Patients with infectious mononucleosis are likely to have splenomegaly. Although most patients do not have a palpable spleen on physical examination, a study31 of 29 patients who were hospitalized with infectious mononucleosis (and who therefore may have had more severe disease) found that all patients had splenomegaly on ultrasound examination and that one half of them had hepatomegaly. Only 17 percent of the enlarged spleens and 8 percent of the enlarged livers were palpable on physical examination, a finding that is consistent with other studies.6 Because an enlarged spleen is at risk for rupture, athletes should not compete in contact or collision sports for a minimum of three to four weeks after the onset of symptoms.32

The risk of splenic rupture is estimated at 0.1 percent, based on a retrospective series of 8,116 patients.33 In a review34 of 55 athletes with splenic rupture, almost all ruptures occurred in the first three weeks of illness. Interestingly, in the same series, one half of ruptures were atraumatic. These data suggest that patients should be kept out of athletics for at least three to four weeks and until they are asymptomatic. Some experts suggest a longer duration of restricted activity of five to six weeks35 or even six months,36 although data from natural history studies do not necessarily support these recommendations. Because the physical examination is so insensitive, ultrasound imaging to assess the size of the spleen at three weeks may be a better guide for determining whether a patient should return to athletics.37 The cost to prevent one traumatic rupture probably is well over $1 million when this strategy is used, given that the risk of rupture overall is one in 1,000, the risk of rupture beyond four weeks is considerably less, about one half of ruptures are atraumatic, and the cost of an ultrasound scan is several hundred dollars. Although the strategy may make sense when used selectively (e.g., when an athlete would like to return to competition in less than four weeks), it cannot be endorsed as routine practice.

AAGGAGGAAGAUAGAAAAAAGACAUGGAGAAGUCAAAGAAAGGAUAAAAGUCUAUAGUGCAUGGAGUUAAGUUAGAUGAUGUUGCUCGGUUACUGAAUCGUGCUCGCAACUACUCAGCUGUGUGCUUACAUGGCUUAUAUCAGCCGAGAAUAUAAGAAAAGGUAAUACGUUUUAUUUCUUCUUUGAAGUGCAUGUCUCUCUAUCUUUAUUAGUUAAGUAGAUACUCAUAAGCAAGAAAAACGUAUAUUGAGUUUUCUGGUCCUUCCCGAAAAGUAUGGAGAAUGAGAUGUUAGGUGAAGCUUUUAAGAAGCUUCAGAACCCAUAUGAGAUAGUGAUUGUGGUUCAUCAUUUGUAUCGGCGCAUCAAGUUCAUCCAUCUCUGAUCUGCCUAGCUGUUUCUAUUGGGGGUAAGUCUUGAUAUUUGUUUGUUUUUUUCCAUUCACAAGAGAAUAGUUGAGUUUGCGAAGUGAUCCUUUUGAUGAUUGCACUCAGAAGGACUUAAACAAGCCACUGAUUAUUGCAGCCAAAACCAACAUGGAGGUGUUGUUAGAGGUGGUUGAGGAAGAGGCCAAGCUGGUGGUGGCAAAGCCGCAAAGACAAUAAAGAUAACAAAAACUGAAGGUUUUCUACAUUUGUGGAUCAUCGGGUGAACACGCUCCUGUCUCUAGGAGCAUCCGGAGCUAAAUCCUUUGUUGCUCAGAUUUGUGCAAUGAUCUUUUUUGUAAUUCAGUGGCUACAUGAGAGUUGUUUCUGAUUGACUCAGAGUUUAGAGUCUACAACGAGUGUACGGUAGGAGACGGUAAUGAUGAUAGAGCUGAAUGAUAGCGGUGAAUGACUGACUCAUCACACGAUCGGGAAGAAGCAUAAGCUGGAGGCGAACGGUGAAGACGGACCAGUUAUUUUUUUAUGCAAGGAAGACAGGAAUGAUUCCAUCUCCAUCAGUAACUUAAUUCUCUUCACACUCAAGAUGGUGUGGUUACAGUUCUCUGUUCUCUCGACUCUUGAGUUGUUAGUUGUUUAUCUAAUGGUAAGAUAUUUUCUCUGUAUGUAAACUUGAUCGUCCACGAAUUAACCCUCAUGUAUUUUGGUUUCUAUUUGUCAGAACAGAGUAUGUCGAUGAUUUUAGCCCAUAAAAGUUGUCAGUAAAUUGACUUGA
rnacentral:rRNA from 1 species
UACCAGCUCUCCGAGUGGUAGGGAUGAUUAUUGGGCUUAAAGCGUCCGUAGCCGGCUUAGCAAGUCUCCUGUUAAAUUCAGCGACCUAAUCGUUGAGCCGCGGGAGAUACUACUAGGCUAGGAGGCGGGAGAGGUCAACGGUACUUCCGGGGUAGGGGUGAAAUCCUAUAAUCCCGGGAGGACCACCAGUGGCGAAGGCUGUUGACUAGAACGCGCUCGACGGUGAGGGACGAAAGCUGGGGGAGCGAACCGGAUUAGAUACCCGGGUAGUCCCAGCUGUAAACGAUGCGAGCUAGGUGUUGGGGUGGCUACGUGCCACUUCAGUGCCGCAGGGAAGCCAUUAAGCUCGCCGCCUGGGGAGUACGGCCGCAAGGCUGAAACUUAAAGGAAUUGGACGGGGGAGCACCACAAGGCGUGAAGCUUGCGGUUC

Several cohort studies have examined the long-term outcomes of infectious mononucleosis. Between 9 and 22 percent of patients reported persistent fatigue or hypersomnia six months after clinical infectious mononucleosis, compared with zero to 6 percent of patients following uncomplicated upper respiratory infection.5 The best study13 of the natural history of infectious mononucleosis followed 150 patients for six months. In this study, sore throat, fever, headache, rash, cough, and nausea largely had resolved one month after the onset of symptoms. Fatigue resolved more slowly (77 percent initially, 28 percent at one month, 21 percent at two months, and 13 percent at six months), as did sleeping too much (45 percent initially, 18 percent at one month, 14 percent at two months, and 9 percent at six months) and sore joints (23 percent initially, 15 percent at one month, 6 percent at two months, and 9 percent at six months).13 This study also followed functional status over the same six-month period and found that patients required about two months to achieve a stable level of recovery. The association between EBV infection and chronic fatigue syndrome remains uncertain, and a positive IgG test for EBV does not imply a causal relationship. In addition, evidence of EBV infection is not part of the definition of chronic fatigue syndrome.28  Physicians should be aware of several other rare complications of infectious mononucleosis (Table 4).1,3841

TABLE 4

Potential Complications of Infectious Mononucleosis

Acute interstitial nephritis

Hemolytic anemia

Myocarditis and cardiac conduction abnormalities

Neurologic abnormalities

Cranial nerve palsies

Encephalitis

Meningitis

Mononeuropathies

Retrobulbar neuritis

Thrombocytopenia

Upper airway obstruction


Information from references 1 and 38through 41.

TABLE 4   Potential Complications of Infectious Mononucleosis

View Table

TABLE 4

Potential Complications of Infectious Mononucleosis

Acute interstitial nephritis

Hemolytic anemia

Myocarditis and cardiac conduction abnormalities

Neurologic abnormalities

Cranial nerve palsies

Encephalitis

Meningitis

Mononeuropathies

Retrobulbar neuritis

Thrombocytopenia

Upper airway obstruction


Information from references 1 and 38through 41.

The Author

MARK H. EBELL, M.D., M.S., is associate professor of family medicine at Michigan State University College of Human Medicine, East Lansing, and practices at Athens (Ga.) Primary Care. Dr. Ebell received his medical degree from the University of Michigan Medical School, Ann Arbor, where he also completed a family practice residency. He is the developer of the InfoRetriever software and deputy editor for evidence-based medicine for American Family Physician.

Address correspondence to Mark H. Ebell, M.D., M.S., 330 Snapfinger Dr., Athens, GA 30605 (e-mail: ebell@msu.edu). Reprints are not available from the author.

The author indicates that he does not have any conflict of interest. Source of funding: none reported.